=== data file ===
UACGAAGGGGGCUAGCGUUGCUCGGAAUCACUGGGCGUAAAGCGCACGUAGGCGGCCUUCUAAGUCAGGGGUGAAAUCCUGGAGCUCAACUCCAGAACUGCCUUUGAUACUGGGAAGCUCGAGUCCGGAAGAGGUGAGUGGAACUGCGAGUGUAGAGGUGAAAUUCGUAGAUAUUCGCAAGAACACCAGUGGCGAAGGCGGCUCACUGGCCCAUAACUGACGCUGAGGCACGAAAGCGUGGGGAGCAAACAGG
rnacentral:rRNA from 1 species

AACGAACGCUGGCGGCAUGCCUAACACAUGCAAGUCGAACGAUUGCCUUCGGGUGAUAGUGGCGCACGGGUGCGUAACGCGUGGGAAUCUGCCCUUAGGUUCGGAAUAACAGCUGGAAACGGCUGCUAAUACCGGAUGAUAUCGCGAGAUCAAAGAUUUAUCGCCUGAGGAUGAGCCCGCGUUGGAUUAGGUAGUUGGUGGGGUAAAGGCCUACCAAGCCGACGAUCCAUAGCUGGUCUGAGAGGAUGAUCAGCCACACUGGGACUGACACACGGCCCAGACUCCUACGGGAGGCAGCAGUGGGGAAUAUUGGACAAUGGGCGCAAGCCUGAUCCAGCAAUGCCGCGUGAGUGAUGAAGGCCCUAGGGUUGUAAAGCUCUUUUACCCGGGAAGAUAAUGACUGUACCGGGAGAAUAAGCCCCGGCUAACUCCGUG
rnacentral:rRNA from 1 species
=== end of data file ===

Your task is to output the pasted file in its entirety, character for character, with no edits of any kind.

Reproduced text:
UACGAAGGGGGCUAGCGUUGCUCGGAAUCACUGGGCGUAAAGCGCACGUAGGCGGCCUUCUAAGUCAGGGGUGAAAUCCUGGAGCUCAACUCCAGAACUGCCUUUGAUACUGGGAAGCUCGAGUCCGGAAGAGGUGAGUGGAACUGCGAGUGUAGAGGUGAAAUUCGUAGAUAUUCGCAAGAACACCAGUGGCGAAGGCGGCUCACUGGCCCAUAACUGACGCUGAGGCACGAAAGCGUGGGGAGCAAACAGG
rnacentral:rRNA from 1 species

AACGAACGCUGGCGGCAUGCCUAACACAUGCAAGUCGAACGAUUGCCUUCGGGUGAUAGUGGCGCACGGGUGCGUAACGCGUGGGAAUCUGCCCUUAGGUUCGGAAUAACAGCUGGAAACGGCUGCUAAUACCGGAUGAUAUCGCGAGAUCAAAGAUUUAUCGCCUGAGGAUGAGCCCGCGUUGGAUUAGGUAGUUGGUGGGGUAAAGGCCUACCAAGCCGACGAUCCAUAGCUGGUCUGAGAGGAUGAUCAGCCACACUGGGACUGACACACGGCCCAGACUCCUACGGGAGGCAGCAGUGGGGAAUAUUGGACAAUGGGCGCAAGCCUGAUCCAGCAAUGCCGCGUGAGUGAUGAAGGCCCUAGGGUUGUAAAGCUCUUUUACCCGGGAAGAUAAUGACUGUACCGGGAGAAUAAGCCCCGGCUAACUCCGUG
rnacentral:rRNA from 1 species